The Reagan administration said yesterday that it has begun a national search for housing for the homeless on military installations and in other government buildings.
A Defense Department spokesman confirmed that Secretary Caspar W. Weinberger asked the military services on Jan. 25 "to locate vacant hospitable space" for the homeless.
Weinberger's memo told commanders "the most urgent need is in large cities where the weather is severe."
The Pentagon confirmation occurred after Col. Ernest Miller, a Salvation Army official, revealed the plan, which was reported last week by the Los Angeles Times. Miller, who had participated in months of negotiation between the White House and religious and charitable organizations, went public after he had been told that the Weinberger memo was classified, he said.
Miller said the White House meetings began to produce results after Thanksgiving when administration staff members "felt they had been burned" by media coverage of an aborted study to tax unemployment benefits.
The Department of Housing and Urban Development also confirmed yesterday that it would survey all vacant properties owned by the government for possible use by the homeless.
Other government agencies also are expected to look for suitable temporary quarters, Miller said.
But Miller said "a lot of technical details" remain to be worked out.
He said the Reagan administration expected volunteer groups and charitable agencies to handle details such as security and payment of utilities inside government facilities.
Miller also said the homeless would be expected to move out of the facilities when the need for government use arose. An example cited by Miller and the Defense Department involves barracks occupied occasionally--usually during the summer--by the National Guard.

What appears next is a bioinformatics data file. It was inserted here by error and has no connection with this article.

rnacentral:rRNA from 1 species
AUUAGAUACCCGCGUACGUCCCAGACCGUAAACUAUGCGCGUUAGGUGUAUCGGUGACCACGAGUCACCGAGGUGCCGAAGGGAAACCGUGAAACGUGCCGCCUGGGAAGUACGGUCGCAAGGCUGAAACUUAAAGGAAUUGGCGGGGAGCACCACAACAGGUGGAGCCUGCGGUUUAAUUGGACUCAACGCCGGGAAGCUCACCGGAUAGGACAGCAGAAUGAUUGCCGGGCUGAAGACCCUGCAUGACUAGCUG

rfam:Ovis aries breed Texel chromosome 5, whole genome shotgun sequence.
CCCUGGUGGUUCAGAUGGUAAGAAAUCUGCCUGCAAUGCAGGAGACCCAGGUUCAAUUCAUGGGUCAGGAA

The Defense Department spokesman said no count of available space had been turned in from the field yet.
He said the search probably would concentrate on military bases in operation, but that facilities closed in past economy moves would be potential candidates.
Other volunteer groups have asked the administration to allow the homeless to sleep in federal office buildings after they close at night. But that plan apparently was rejected because of security problems.
White House assistant press secretary Mort Allin said that the charitable organizations, primarily an ad hoc committee headed by Rabbi Martin Siegel of Columbia, Md., had petitioned the White House to ask "defense and other agencies" about the availability of emergency housing.
"It was felt they could be of some assistance," Allin said.
President Reagan also was asked at an informal news conference yesterday if the government was looking at plans to help the hungry and homeless.
"We certainly are doing everything we can in that regard," he responded.
Miller said it was his understanding that it would be necessary to establish "a clear community need" before the plan would go into effect.
He also said White House aides made it clear that the proposals would have to fit into the administration's general policy of "volunteerism," with private organizations handling most of the administration, such as token $1-a-year leases.